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Paul LabergeDeveloper Evangelist
Frédéric HarperDeveloper Evangelist
One of the more complicated concepts in phone development, regardless of the platform you are targeting, is multi-tasking. The nature of a mobile device is to be resource-limited. It’s not a PC where you have a significant amount of CPU, memory, storage and other assets to tap into in your apps and games. The result is that you have to be wise in how your apps and games use resources on the phone. The good news in Windows Phone 7 development is that a lot of the resource management is done for you (by virtue of the fact that app and game development is done in a managed environment – i.e.: .NET).
That said, you still should be smart about your code to make sure you are maximizing the experience of your app to your users. This post covers Fast App Resume and how to enable it in your original Windows Phone 7 apps.
Fast App Resume
Fast App Resume is a feature of Windows Phone 7.5 that allows users to leave your app and come back to it without having the traditional “Resuming” screen show up. This provides a cleaner, more fluid experience for your users and produces less wait time for them as well.
Apps that target Windows Phone 7.5 from the get-go have Fast App Resume capabilities right from the get-go. If you have built and published a traditional Windows Phone 7 app (i.e.: not targeting Windows Phone 7.5), then this is a super-easy update to apply to your app that takes roughly 5 minutes of your time.
To take full advantage of Windows Phone 7.5 multi-tasking in your Windows Phone 7 apps, all you need to is open your existing Windows Phone 7 app in Visual studio, right-click on the root project/solution and select the “Upgrade to Windows Phone 7.1“ option in the context menu that pops up (see the image to the right for a screenshot). Then recompile it. Your app is now Windows Phone 7.5 multi-tasking enabled and you can submit that as an update to the Marketplace (which will need to be certified, of course). Naturally, you may want to include other updates to your code before you submit the app for certification, however.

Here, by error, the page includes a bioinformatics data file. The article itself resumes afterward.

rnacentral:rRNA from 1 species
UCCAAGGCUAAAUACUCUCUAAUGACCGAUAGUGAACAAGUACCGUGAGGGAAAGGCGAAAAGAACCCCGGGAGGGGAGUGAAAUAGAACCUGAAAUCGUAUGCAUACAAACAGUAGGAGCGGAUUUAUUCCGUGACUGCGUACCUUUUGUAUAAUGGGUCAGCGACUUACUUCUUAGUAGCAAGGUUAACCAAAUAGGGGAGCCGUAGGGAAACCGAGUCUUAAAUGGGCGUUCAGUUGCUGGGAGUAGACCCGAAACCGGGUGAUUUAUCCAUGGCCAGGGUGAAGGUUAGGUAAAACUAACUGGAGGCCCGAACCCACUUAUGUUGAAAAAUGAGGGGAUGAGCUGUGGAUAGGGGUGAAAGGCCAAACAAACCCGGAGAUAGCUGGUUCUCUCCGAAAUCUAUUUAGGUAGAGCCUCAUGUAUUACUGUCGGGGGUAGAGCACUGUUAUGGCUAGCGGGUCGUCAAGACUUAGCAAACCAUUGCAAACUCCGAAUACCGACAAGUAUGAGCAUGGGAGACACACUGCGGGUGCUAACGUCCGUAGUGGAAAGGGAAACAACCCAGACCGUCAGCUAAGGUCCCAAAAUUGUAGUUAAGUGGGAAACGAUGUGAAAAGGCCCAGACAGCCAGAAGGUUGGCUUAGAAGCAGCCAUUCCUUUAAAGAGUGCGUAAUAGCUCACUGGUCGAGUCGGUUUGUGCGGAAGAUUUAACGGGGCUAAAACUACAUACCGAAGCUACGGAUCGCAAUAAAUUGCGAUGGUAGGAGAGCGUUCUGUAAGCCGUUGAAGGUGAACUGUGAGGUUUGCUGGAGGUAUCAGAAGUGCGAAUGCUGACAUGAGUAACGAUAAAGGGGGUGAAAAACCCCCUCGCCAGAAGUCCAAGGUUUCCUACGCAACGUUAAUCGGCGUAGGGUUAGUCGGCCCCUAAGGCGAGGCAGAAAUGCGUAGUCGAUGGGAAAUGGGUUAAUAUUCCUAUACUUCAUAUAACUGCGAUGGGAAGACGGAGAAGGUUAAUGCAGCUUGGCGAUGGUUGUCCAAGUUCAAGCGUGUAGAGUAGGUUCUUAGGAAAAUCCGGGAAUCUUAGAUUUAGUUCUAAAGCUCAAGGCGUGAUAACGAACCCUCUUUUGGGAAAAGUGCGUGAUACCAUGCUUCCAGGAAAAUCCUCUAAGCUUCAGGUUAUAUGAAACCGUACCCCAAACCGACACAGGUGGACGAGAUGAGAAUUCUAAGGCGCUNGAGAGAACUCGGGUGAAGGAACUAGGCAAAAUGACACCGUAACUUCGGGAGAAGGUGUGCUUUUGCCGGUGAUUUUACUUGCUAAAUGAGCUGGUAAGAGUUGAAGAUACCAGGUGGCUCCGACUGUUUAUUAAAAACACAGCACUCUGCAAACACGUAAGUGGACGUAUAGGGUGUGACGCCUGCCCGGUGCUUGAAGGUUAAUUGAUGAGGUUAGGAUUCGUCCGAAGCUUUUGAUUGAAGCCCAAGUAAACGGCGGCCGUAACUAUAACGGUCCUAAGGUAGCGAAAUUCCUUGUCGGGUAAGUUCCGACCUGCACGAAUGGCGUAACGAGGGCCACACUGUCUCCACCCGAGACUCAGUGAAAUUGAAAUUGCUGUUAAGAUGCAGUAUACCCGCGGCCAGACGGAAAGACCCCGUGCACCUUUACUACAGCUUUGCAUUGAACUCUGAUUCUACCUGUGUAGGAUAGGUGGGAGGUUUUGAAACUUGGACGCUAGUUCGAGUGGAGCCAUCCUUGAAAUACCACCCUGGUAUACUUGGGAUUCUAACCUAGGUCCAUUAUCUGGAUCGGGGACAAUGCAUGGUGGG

(A quick note about the potential confusion between Windows Phone 7.1 and Windows Phone 7.5: Windows Phone 7.1 and Windows Phone 7.5 are actually the same thing. Engineers internally called the Mango update version 7.1 but when we went live with the update, the marketing team named it 7.5).
Uhhmmm.. while technically what you are saying is correct you have missed something I think... see this article by Jesse Liberty -- jesseliberty.com/.../windows-phone-life-cycledont-panic
Essentially the problem with your article is that if I have done nothing major to preserve state during tombstoning then what you are saying is accurate, but if I have setup that has to happen after tombstoning then I want to check the IsApplicationInstancePreserved property of the event args parameter that we get in the AppActivated event. This will tell our app if it has been tombstoned or not..
Really great point! I wasn't particularly clear on that point so I'm glad you highlighted it. You are completely correct. My post outlines the minimum you need to do to enable FAS in your 7.5 apps. It is highly preferable (or even expected) that you implement appropriate tombstoning in your app. The good news is if you've implemented good tombstoning practices in your Windows Phone 7 app, then you are a good deal closer to achieving the goal of a great Fast App Resume experience for your users.
Great link, by the way. I'm also a big fan of Jesse's tutorials.